• Certain easy-to-make touches could be used to make common commands easy to do. Touching the keyboard with another finger, perhaps the thumb in the lower-left corner for right-handed people, might signify something. For instance, it might bring up a scrolling list of long, user-set text strings (i.e. a phone number or address) from which the user could select. Inside applications, it could be used for something important. Inside an email program, for instance, it could send the just-entered email. Inside a writing program, it could be used to start a new paragraph.

  • In learner mode, the screen would display the Morse alphabet and text input would be on a scrolling line. Letters or words could be spoken as typed to speed up learning and accuracy.

For those willing to learn Morse, which is far easier than most people think (especially for sending), it offers a fast, virtually error-free text interface for the iPhone, one that has tactile feedback built into the design. Most important of all, it’s a text input technique that doesn’t require users to constantly look at the screen. Since the target is the entire screen, it’s impossible to miss and the touch of the screen provides the tactile feedback lacking in the on-screen keyboard.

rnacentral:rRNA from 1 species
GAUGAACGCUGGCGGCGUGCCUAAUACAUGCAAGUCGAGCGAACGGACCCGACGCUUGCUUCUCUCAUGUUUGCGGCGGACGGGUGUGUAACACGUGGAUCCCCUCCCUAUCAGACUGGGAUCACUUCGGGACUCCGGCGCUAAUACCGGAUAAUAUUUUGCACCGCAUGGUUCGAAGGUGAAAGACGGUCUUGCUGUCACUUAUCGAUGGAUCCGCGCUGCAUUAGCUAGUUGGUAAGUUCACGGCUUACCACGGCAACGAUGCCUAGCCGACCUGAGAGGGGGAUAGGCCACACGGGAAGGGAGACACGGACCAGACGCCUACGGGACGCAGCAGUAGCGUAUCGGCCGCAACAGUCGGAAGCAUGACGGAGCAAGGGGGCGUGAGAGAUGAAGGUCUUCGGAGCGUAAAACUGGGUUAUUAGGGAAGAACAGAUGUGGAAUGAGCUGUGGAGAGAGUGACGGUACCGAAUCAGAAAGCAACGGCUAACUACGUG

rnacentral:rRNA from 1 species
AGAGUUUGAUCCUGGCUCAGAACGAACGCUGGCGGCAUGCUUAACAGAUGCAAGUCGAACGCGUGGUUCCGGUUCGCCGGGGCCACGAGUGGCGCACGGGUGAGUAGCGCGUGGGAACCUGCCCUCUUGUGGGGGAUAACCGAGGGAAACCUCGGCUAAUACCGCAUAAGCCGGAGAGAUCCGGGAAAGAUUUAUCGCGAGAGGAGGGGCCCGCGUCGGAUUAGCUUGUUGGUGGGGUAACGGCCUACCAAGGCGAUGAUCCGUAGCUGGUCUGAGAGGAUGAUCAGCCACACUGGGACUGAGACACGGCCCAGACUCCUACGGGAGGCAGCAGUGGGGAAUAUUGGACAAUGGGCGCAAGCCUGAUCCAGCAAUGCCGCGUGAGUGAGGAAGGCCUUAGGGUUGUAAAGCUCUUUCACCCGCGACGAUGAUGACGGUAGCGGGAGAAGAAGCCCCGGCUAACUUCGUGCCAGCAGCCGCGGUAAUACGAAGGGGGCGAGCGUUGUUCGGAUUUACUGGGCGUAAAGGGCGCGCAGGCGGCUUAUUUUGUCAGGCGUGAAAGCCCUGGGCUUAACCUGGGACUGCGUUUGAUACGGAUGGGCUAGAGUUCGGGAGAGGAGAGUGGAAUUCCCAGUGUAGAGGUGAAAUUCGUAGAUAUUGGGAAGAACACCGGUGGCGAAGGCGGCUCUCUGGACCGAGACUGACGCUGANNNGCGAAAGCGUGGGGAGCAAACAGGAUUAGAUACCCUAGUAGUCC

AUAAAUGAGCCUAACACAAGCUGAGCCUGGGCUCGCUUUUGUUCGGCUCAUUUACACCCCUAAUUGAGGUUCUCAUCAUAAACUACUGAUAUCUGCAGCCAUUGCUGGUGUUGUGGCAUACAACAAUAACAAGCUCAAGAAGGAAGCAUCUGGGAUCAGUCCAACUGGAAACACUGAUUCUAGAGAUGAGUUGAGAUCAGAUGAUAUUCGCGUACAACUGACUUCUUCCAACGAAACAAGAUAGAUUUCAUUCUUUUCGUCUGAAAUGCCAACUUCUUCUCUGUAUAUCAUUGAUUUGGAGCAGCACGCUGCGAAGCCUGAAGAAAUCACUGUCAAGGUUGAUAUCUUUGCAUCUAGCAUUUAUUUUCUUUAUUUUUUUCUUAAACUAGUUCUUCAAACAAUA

Feel free to pass the idea along to anyone who might want to create it.

Besides, who knows but that at some time in your life you might need to know Morse. It’s virtually the only recognized way to signal by turning something of and on.

—Mike Perry, KE7NV, Seattle,

Well, it never hurts to learn Morse code.

However, just wanted to let you know Shapewriter doesn’t have anything to do with handwriting.

It works by letting you touch the first letter of the word you are after, and then “trace” the typing by moving the finger from one letter to another, until the last letter, when you lift off. It gets the word right about 85% of the time, and offers alternatives if that’s not right.

I’ve found it quite fast. Touch typing is still faster, but I can actually take notes with it.